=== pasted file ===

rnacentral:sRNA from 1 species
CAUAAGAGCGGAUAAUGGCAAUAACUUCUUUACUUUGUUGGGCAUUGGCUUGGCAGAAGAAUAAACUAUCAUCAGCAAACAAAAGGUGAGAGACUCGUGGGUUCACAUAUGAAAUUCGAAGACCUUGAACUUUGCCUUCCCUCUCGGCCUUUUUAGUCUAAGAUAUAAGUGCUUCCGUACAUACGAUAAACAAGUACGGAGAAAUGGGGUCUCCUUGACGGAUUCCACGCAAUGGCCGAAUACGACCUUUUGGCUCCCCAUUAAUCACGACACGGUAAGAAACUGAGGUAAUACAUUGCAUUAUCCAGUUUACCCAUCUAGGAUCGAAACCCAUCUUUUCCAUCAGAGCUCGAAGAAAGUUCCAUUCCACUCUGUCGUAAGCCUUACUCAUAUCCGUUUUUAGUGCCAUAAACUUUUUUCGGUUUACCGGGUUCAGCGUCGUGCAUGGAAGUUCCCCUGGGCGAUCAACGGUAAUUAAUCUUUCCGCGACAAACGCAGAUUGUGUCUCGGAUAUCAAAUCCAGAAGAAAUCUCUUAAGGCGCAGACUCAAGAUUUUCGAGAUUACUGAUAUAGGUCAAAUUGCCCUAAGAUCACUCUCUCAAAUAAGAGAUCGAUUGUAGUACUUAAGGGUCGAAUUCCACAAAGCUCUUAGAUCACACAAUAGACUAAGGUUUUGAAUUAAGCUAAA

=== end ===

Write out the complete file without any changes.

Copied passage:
rnacentral:sRNA from 1 species
CAUAAGAGCGGAUAAUGGCAAUAACUUCUUUACUUUGUUGGGCAUUGGCUUGGCAGAAGAAUAAACUAUCAUCAGCAAACAAAAGGUGAGAGACUCGUGGGUUCACAUAUGAAAUUCGAAGACCUUGAACUUUGCCUUCCCUCUCGGCCUUUUUAGUCUAAGAUAUAAGUGCUUCCGUACAUACGAUAAACAAGUACGGAGAAAUGGGGUCUCCUUGACGGAUUCCACGCAAUGGCCGAAUACGACCUUUUGGCUCCCCAUUAAUCACGACACGGUAAGAAACUGAGGUAAUACAUUGCAUUAUCCAGUUUACCCAUCUAGGAUCGAAACCCAUCUUUUCCAUCAGAGCUCGAAGAAAGUUCCAUUCCACUCUGUCGUAAGCCUUACUCAUAUCCGUUUUUAGUGCCAUAAACUUUUUUCGGUUUACCGGGUUCAGCGUCGUGCAUGGAAGUUCCCCUGGGCGAUCAACGGUAAUUAAUCUUUCCGCGACAAACGCAGAUUGUGUCUCGGAUAUCAAAUCCAGAAGAAAUCUCUUAAGGCGCAGACUCAAGAUUUUCGAGAUUACUGAUAUAGGUCAAAUUGCCCUAAGAUCACUCUCUCAAAUAAGAGAUCGAUUGUAGUACUUAAGGGUCGAAUUCCACAAAGCUCUUAGAUCACACAAUAGACUAAGGUUUUGAAUUAAGCUAAA